“Damn…it,” the friar said slowly. “The most simple, most ingenious way to ward off vampires…and we ate it.”
Van Helsing was bemused by how calmly Carl was taking this. The serenity could not last, as suspected. Carl flew completely off the handle.
“YOU – YOU RECKLESS ARROGANT POPINJAY! To hell with this mission! No, let’s eat everything that’s actually THREATENING to a VAMPIRE! LET ME KNOW HOW THAT SILVER STAKE TASTED – after you’ve spent a few weeks wallowing in Hell, damned to eat garlic FOR ALL ETERNITY! DAMN YOU AND YOUR CULINARY SKILLS! DAMN DAMN DAMN!”
“Relax Carl, it was just garlic,” Van Helsing soothed.
“JUST GARLIC! IT IS MORE EFFECTIVE IN HAND RATHER THAN IN STOMACH!”
Van Helsing grinned lopsidedly, “Garlic may be deadlier to a vampire in your breath. Thank God I didn’t give your onions. You’d kill me first.”
Carl went a brilliant shade of magenta. He glared hard at his companion. “Your sordid jokes do not amuse me.”
He spun on his heel. Van Helsing cleared his throat. “You do owe me some thanks. At least you’re not letting the world know what I last fed you.”
As if to prove him wrong, Carl grabbed his stomach, trying to look pained. It didn’t work, with Van Helsing looking on in hilarity. The friar clenched his fists, deciding to make a grab for the upper hand. “Next time, I cook. I will show you how well I can manage a decent enough recipe.”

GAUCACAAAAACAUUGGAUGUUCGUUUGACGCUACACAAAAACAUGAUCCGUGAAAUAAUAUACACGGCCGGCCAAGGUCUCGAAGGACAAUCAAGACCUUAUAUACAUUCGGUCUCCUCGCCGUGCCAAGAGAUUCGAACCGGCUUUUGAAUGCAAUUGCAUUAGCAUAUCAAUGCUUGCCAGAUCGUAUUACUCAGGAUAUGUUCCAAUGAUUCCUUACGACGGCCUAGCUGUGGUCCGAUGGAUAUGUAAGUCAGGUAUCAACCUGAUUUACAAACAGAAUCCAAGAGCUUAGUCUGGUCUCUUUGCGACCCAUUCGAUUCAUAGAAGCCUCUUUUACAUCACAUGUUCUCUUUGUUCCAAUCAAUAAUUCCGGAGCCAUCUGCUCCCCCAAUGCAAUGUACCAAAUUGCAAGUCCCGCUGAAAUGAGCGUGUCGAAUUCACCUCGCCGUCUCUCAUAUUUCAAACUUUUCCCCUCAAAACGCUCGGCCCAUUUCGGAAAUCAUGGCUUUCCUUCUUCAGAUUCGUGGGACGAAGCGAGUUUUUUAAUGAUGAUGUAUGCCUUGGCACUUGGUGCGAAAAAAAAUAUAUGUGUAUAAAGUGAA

“I heard that Holy water makes a good soup…” teased Van Helsing, smirking.
Three…two…one…the hunter mentally counted.
Carl pursed his lips, frustration making him frown. “If that is an attempt to flare my temper again, it will not work. Be assured that we will need Holy water desperately more than garlic later.”
“Sure, Carl, whatever you say…”
As Van Helsing watched the Holy water sail into the well, he entertained the brief thought of how well it would have contributed to a delicious soup. He wrenched his mind back to the immediate concern – the rather deadly vampire leering at him. Carl watched the precious liquid plummet also, muttering, “Dammit.”
He was going to hear about this later – if he survived.